8 Ancient Herbs to Support Your Spring Cleanse: Rejuvenate and Heal

HJ: According to Ayurveda, every time the seasons change, we should engage in a cleanse or fast of some sort.  This helps prepare the mind, body and spirit for the new energy and weather of the emerging season.  It also helps to prevent us from getting sick and generally balances the body.  Every three months is a good timeframe to engage in regular cleansing as it is neither too frequent or infrequent.

Syncing our lives with the patterns of the earth and her seasons is an amazing way to cultivate a deeper connection to nature and the world around us.  As above, so below.  Cleansing in these intervals is like a master reset button for our systems.  We clear the residues and toxins of the previous cycle to make way for the new.  We enter the new period with a fresh mind, body and spirit, giving us the energy and feeling of wellbeing necessary to continue to propel us down our path.  It is truly a rewarding experience that I encourage everyone to try — one of life’s simple pleasures.

– Truth

Spring Cleansing with Herbs

Bitter Herbal Tonics Herald Ancient Rite of Spring

By Pat Crocker | Pat Crocker

Cleansing tonics are an ancient rite of spring that reflects the season’s central theme of self-renewal. By definition, a tonic is an infusion of herbs that invigorates or strengthens the system. In addition, tonics often act as stimulants and alteratives as well. Taken either hot or cold, tonics restore tone, purify the blood, and act as nutritive builders.

Throughout history, and even as late as the 20th century, herbs and herbal spring tonics have been used by North Americans and Europeans to cleanse the system after a long winter of eating preserved meats with little or no fresh fruits or vegetables. The six-week fasting and abstinence period of Lent, apart from its spiritual significance, had a practical effect of helping the body prepare for the shock of astringent spring greens.

The common ‘tonic water’ we now use mainly as a mixer for alcohol is a vestige of earlier times when bitter herbal tonics were widely used. By the 1500s, Europeans had learned of cinchona bark (Cinchona officinalis) which contains quinine, a substance that is extremely effective against malaria. It was the British living in colonial India who began to add gin to the bitter-tasting quinine tonic to make that essential medicinal drink more palatable. Most modern brands of tonic water still contain quinine for flavour but in amounts that are too small to be effective medicinally.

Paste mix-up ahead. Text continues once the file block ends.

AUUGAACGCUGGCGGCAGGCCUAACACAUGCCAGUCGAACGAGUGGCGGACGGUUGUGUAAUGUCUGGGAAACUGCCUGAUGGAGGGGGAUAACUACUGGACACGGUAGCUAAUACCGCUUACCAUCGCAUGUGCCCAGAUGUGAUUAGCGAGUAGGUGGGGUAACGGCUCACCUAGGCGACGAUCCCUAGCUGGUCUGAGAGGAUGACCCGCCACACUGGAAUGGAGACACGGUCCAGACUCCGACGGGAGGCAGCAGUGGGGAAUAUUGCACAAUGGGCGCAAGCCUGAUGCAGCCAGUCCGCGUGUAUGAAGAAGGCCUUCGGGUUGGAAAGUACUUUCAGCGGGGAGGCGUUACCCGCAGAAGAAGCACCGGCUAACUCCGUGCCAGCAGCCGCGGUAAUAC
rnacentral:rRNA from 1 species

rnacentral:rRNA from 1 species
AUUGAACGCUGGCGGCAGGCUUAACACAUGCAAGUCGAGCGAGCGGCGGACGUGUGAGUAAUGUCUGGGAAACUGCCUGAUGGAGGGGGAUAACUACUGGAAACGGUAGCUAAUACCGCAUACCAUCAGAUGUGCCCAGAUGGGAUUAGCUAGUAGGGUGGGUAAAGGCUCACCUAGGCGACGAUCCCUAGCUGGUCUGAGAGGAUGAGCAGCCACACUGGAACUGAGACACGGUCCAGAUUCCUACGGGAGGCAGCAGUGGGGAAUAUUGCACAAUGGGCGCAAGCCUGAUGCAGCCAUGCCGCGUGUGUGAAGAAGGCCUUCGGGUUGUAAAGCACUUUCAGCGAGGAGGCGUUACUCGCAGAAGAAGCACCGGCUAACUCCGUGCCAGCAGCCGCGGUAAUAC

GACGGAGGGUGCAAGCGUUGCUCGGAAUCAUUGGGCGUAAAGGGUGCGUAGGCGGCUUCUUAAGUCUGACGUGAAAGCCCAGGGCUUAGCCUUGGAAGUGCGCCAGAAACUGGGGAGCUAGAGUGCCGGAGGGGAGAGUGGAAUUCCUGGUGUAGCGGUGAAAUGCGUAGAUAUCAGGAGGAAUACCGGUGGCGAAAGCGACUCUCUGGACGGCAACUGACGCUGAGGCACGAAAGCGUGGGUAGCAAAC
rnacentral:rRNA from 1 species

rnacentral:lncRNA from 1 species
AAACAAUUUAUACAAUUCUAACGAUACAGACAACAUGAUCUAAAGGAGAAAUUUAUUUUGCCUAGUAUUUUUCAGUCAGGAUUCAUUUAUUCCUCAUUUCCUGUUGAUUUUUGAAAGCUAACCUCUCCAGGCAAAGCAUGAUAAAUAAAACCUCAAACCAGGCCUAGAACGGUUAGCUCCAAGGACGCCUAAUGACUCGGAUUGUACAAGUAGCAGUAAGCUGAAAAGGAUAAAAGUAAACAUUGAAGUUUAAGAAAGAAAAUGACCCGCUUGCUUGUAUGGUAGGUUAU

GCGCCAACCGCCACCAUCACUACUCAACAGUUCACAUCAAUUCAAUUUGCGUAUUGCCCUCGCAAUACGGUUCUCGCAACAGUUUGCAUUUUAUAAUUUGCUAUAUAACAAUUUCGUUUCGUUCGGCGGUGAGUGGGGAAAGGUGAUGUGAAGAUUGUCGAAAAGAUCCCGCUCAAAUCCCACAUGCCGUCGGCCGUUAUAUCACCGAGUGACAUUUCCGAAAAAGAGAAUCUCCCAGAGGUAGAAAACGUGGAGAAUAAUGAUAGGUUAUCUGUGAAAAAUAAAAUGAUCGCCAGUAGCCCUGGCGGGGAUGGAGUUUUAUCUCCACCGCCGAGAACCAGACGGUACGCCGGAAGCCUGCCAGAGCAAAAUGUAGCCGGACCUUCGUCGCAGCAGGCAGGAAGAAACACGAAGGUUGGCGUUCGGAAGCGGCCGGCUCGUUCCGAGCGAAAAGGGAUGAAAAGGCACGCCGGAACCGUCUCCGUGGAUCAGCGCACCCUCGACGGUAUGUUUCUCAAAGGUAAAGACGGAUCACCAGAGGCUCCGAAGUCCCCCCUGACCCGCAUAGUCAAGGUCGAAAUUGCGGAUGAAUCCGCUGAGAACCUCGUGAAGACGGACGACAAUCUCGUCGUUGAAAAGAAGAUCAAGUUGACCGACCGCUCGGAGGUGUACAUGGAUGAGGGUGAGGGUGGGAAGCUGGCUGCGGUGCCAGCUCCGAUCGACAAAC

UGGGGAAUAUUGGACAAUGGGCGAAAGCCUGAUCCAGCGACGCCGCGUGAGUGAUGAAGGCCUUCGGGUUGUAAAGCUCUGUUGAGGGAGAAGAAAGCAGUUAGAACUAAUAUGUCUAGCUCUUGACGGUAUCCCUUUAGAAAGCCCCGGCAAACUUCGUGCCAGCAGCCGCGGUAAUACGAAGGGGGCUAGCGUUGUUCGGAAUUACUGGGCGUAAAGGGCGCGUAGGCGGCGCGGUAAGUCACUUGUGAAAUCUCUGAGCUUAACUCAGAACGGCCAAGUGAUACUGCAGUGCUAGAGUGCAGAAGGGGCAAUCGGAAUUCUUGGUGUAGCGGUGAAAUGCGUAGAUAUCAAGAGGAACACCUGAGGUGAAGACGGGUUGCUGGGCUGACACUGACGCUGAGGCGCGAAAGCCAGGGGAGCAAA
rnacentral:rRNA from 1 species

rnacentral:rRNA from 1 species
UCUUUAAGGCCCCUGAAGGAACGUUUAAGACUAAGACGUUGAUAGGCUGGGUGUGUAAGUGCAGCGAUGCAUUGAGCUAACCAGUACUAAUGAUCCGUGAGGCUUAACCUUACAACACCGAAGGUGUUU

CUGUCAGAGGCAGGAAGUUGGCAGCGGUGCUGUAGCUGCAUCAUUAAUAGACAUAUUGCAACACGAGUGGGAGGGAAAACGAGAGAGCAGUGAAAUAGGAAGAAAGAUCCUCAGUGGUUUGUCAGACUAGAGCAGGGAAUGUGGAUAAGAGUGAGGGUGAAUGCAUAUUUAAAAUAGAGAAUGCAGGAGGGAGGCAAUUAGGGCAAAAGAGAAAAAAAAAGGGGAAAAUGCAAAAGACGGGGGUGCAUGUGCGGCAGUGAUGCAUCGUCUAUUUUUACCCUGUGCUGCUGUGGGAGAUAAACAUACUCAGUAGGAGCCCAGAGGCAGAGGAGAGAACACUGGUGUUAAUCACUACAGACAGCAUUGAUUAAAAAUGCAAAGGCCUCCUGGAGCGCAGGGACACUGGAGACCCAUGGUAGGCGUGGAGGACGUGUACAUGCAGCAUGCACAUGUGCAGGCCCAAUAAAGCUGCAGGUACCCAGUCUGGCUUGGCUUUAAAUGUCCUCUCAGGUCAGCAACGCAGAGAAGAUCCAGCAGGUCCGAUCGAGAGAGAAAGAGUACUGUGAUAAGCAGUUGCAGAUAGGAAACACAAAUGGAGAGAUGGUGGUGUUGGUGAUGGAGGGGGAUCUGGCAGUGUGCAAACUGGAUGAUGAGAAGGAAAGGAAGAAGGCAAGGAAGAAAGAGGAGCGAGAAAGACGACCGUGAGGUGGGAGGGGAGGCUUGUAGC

Tonic herbs support the body’s systems in maintaining health. Depending on what herbs are used, they can support the whole body or specific systems or organs. They are able to do this because they contain opposing groups of constituents that can lower (or raise), stimulate (or depress), increase (or decrease) individual biological processes. Tonics increase the tone of body tissues, imparting strength and vitality by promoting the digestive process, improving blood circulation, and increasing the supply of oxygen to the tissues.

Tonic herbs are safe to use daily except during pregnancy.

The following is a list of tonic herbs:

  • Alfalfa (Medicago sativa) is a nutritive tonic for the musculoskeletal system.
  • Astragalus (Astragalus membranaceus) promotes tissue regeneration, and is a heart tonic as well as a powerful immune system stimulator for virtually every phase of immune system activity.
  • Dandelion (Taraxacum officinale) is a liver tonic and digestive.
  • Devil’s claw (Harpagophytum procumbens) is a liver tonic.
  • Echinacea (Echinacea purpurea or E. angustifolia) is an immune system tonic.
  • Ginseng (Panax quinquefolius) is an adaptogen used to relieve stress.
  • Licorice Root (Glycyrrhiza glabra) is considered to be one of the best tonic herbs because it provides nutrients to almost all body systems.
  • Parsley (Petroselinum crispum) acts as a general tonic.

A Favourite Spring Tonic of Indigenous Peoples

The Iroquois and other tribes of Canada and the northern United States considered the sugar maple (Acer saccharum) to be a special gift of the Creator. Maple sap was obtained by cutting a vertical slit in the tree about two inches deep and a foot long just below eye level on the trunk of the tree. A flat stick was then driven into the lower end of the slash. With the warm days and freezing nights of early spring, the alternating expanding and contracting wood in the trunk drove the sap through the drainage hole over the stick into a birch bark trough.